Sunday, 28 July 2013

Stir-fry ~ a meal in a pan

This version of a stir-fry meal is a popular one in our household: it's tasty, nourishing and simple to prepare.  How closely it resembles other people's stir-frys I don't know, but it works for us so here it is:

Preparation time - about a quarter of an hour.
Cooking time - about a quarter of an hour.

I start by assembling a selection of ingredients and then chop the vegetables.  It really doesn't matter what vegetables are used - our stir-frys vary depending on the season and what happens to be in the pantry.  Below you can see tofu, carrots, cabbage, onion, mushrooms, frozen peas, and on the small saucer garlic and fresh ginger. The five larger dishes are dessert plates.


I took this photo when I was preparing a meal for two of us recently.

Here is a more exact description of the ingredients and what I did with them, but three steps come first:
(1) In one cup:
  • Soy sauce - about a tablespoon 
    • I didn't have any on this occasion, so I substituted a teaspoon of Vegemite
  • Mix either of these ingredients into about half a cup of hot water
(2) In another cup
  • Cornflour - 1 tablespoon 
  • Mix with half a cup of cold water (cold so that it doesn't go lumpy)
Set these to one side.

(3) Boil a kettleful of water so that you have plenty of hot water for your rice or pasta.

And now for the main part:
Put a couple of tablespoons of oil into a large frying pan and heat slightly before using it to saute (lightly fry) the...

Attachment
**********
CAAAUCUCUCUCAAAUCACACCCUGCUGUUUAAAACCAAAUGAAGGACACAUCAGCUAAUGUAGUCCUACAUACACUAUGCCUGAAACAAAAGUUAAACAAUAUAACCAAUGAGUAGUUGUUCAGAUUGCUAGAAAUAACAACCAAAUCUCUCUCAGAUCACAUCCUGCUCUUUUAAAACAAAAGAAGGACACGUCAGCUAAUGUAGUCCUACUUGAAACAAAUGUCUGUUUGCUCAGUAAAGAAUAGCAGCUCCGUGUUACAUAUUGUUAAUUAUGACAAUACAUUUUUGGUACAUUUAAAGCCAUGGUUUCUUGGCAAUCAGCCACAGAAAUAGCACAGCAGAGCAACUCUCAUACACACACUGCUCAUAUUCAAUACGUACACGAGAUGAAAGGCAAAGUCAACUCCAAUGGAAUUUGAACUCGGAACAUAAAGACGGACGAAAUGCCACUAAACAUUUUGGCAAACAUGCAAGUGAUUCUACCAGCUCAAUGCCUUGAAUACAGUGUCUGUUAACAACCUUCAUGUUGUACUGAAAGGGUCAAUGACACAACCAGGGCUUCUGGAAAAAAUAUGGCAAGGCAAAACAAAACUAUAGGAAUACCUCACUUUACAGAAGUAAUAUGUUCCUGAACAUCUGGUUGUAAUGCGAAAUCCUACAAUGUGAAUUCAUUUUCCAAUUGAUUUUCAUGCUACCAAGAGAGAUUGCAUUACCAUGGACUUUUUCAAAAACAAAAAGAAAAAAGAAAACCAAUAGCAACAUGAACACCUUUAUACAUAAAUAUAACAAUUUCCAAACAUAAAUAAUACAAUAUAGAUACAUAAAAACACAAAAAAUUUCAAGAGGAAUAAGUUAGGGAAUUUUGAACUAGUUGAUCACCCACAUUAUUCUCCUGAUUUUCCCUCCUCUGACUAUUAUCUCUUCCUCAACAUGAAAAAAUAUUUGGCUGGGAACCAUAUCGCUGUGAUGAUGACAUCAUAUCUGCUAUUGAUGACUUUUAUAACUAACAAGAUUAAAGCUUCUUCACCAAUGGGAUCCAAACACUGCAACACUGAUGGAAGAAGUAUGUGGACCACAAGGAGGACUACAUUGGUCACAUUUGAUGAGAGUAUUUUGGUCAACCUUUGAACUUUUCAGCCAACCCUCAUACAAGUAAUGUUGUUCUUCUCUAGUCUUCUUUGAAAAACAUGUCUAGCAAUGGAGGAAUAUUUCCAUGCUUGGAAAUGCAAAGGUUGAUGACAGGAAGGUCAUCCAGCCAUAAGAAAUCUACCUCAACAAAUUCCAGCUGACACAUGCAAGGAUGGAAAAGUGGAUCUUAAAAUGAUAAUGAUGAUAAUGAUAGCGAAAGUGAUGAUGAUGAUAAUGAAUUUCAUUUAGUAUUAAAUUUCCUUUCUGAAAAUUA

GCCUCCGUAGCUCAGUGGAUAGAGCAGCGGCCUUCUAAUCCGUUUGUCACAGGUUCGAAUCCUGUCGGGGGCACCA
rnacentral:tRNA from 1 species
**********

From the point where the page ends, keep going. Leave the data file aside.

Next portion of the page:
• Onion - 1 - chopped
  • Garlic - 1 - 2 cloves - finely chopped
  • Ginger, fresh, if you have it - about a teaspoonful finely chopped
Add to it and cook until lightly softened
  • Mushroom, button - a few medium-sized
Now add
  • Carrot - 1 - cut to your preferred size and shape.
  • Peas, frozen - about two thirds of a cup
  • Cabbage -  enough for the two of you
Turn all this over in the pan briefly to combine everything and then...

Add the soy sauce and hot water as prepared above.  You'll probably need more water - just enough water to cover the bottom of the pan nicely and provide sufficient steam for the veges to cook but not enough to immerse them.  Put the lid on but keep an eye on it to be sure that it cooks evenly and doesn't catch on the bottom of the pan.

This is a good time to put the pasta or rice on to cook. 

Once the veges begin to soften stir in...
  • Cornflour as prepared above.  You need enough to take up runny liquid and lightly glaze veges.  If it all goes gluggy add a little hot water gradually.
  • Tofu - 200 grams - cut into chunks.  I add the tofu last so that it doesn't go mushy with stirring.  If you don't much care for tofu it's possible that you haven't had the good stuff.  I get mine from Asian Groceries in St Kilda - it is the best I've come across anywhere! 
  • Check the seasoning and add a little more of what you fancy if thre is a need for anything else.  
  • I am, in general, nervous of chilli in any form, but must say that a small amount of chilli sauce can add something special to otherwise rather ordinary flavours.  About half a teaspoon per serving is my upper limit, and please note that this is sauce - not chilli powder, which is more potent.